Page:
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Self-service machines for libraries

PUBLISHED: 10:30 02 October 2008 | UPDATED: 11:55 03 July 2010

STAFF were assured yesterday there would be no compulsory redundancies in a £1.7m overhaul which will see self-service machines installed in more than half of Norfolk's libraries.

STAFF were assured yesterday there would be no compulsory redundancies in a £1.7m overhaul which will see self-service machines installed in more than half of Norfolk's libraries.

The new machines, which enable users to issue and return items, will be placed in 24 of 47 libraries within the next few months to help speed up the service and free up staff for customer inquiries.

The county council insisted this would not lead to staff losing their jobs but admitted the equivalent of 10 full-time posts would be lost to natural wastage over the next two years. Vacancies will not be advertised when they crop up at certain branches.

Jennifer Holland, head of the library and information service, said: “The move to introduce self-service machines in libraries is aimed at providing a quicker and more efficient service to an ever-increasing number of library visitors.

“In introducing the machines, we are able to cut the amount of time people wait for their books to be issued or returned. This frees up staff time to be able to support customers to find the books and information they need, and to help them to use computers.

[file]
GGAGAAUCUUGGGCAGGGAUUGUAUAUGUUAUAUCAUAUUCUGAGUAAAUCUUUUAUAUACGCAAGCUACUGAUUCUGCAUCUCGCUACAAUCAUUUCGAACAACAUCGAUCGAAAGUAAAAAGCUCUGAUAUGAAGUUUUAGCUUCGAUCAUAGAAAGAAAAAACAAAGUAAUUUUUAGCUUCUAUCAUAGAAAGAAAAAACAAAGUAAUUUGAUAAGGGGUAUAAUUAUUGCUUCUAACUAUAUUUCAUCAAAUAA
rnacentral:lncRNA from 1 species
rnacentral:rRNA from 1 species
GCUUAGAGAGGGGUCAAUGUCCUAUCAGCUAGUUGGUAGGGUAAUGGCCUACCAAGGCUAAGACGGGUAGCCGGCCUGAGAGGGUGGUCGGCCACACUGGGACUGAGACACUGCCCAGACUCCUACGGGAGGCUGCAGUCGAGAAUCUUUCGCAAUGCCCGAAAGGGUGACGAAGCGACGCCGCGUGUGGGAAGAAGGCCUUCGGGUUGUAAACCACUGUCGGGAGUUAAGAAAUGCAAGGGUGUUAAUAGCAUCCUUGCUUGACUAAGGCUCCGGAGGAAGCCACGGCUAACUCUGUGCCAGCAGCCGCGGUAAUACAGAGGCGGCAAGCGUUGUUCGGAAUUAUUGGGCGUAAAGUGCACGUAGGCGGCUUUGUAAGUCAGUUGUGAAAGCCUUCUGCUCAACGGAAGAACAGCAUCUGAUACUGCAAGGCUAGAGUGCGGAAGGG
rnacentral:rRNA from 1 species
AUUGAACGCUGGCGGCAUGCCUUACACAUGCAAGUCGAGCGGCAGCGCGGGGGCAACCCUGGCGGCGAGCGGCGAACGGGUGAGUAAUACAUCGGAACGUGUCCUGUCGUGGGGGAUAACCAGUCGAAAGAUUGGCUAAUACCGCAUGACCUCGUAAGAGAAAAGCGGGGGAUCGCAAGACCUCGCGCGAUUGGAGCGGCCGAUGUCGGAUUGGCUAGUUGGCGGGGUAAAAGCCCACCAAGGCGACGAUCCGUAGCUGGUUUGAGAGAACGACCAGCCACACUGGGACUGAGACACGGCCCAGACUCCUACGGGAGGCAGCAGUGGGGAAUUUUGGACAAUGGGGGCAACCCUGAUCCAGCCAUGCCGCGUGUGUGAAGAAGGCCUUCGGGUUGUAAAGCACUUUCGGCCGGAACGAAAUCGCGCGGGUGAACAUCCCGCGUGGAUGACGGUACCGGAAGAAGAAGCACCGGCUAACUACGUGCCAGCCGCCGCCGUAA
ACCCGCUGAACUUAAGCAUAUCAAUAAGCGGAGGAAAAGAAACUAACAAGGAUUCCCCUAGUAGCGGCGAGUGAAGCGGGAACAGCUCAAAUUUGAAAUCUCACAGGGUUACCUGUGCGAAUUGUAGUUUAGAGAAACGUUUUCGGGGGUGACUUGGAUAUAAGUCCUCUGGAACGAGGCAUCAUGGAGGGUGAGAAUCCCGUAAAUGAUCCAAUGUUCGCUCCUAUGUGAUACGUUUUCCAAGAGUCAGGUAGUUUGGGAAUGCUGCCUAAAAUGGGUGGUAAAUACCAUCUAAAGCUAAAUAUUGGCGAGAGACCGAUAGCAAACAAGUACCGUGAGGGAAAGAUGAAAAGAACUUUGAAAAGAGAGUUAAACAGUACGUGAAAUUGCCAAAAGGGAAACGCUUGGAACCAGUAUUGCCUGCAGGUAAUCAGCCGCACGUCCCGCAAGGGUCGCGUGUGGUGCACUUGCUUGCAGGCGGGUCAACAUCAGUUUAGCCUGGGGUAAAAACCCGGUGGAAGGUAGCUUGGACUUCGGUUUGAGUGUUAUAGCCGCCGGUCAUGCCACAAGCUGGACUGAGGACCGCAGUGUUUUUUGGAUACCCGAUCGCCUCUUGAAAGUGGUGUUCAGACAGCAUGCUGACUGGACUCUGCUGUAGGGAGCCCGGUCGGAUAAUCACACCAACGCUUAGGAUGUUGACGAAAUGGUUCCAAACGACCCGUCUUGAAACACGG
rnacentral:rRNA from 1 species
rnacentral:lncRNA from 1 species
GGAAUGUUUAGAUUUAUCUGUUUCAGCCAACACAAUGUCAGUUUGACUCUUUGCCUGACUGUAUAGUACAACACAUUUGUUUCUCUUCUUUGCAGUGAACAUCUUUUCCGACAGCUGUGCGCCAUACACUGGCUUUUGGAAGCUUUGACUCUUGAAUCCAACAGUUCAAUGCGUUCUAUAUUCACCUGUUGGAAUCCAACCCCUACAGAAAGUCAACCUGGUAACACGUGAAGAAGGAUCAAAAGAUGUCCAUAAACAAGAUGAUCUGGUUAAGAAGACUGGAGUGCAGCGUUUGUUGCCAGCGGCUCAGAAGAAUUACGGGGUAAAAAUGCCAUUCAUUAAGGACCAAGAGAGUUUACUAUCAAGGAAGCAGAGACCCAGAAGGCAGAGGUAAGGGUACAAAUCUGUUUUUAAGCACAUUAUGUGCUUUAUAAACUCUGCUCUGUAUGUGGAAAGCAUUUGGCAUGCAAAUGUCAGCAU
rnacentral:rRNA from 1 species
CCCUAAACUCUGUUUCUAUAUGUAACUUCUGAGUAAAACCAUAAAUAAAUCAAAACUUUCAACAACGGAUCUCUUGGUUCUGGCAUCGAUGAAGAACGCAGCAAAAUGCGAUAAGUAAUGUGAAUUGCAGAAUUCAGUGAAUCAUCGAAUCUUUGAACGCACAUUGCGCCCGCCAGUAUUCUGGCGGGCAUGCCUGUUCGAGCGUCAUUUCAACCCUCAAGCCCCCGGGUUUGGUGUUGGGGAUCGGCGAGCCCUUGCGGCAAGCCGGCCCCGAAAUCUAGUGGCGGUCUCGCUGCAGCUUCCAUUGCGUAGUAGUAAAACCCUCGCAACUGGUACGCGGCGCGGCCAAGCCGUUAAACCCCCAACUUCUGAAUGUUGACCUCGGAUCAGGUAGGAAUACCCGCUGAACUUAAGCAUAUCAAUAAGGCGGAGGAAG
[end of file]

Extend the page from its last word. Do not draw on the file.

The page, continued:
“While this technology will be new to many of the libraries, the Norfolk and Norwich Millennium Library at the Forum has had self-service machines since it opened in 2001 and a number of other large libraries have had a different style of self-service for some years.”

She added that the machines that were being introduced, including at Norwich, were more advanced than the original machines and able to issue and return a number of items in one go.

They are designed to be used by young children through to older members of the community, and can be adapted in the future to cater for different languages and the partially-sighted.

Seven libraries - Poringland, Downham Market, Cromer, Sheringham, Wroxham, King's Lynn and Sprowston - have already got the machines up and running.

“Once people have got used to the system, both staff and library users are finding them easy, and efficient, to use,” added Ms Holland.

“These improvements are simply a way of us adapting to this climate, in order for us to continue to offer an efficient, yet customer focused, service to everyone in Norfolk over the coming years.”

The new machines will be installed at Gaywood, Fakenham, Aylsham, Yarmouth, Hellesdon, North Walsham, Wymondham, Dereham, Hunstanton, Gorleston, Attleborough, Diss, Taverham, Costessey, Norwich and Thetford.

Earlham Library is to close for just over a week from 5pm on Saturday and will reopen with a new carpet, machines and improved layout at 10am on October 13.

Library users are asked to visit another branch during the alterations or renew items via the customer service centre on 0844 800 8006 or www.library.norfolk.gov.uk

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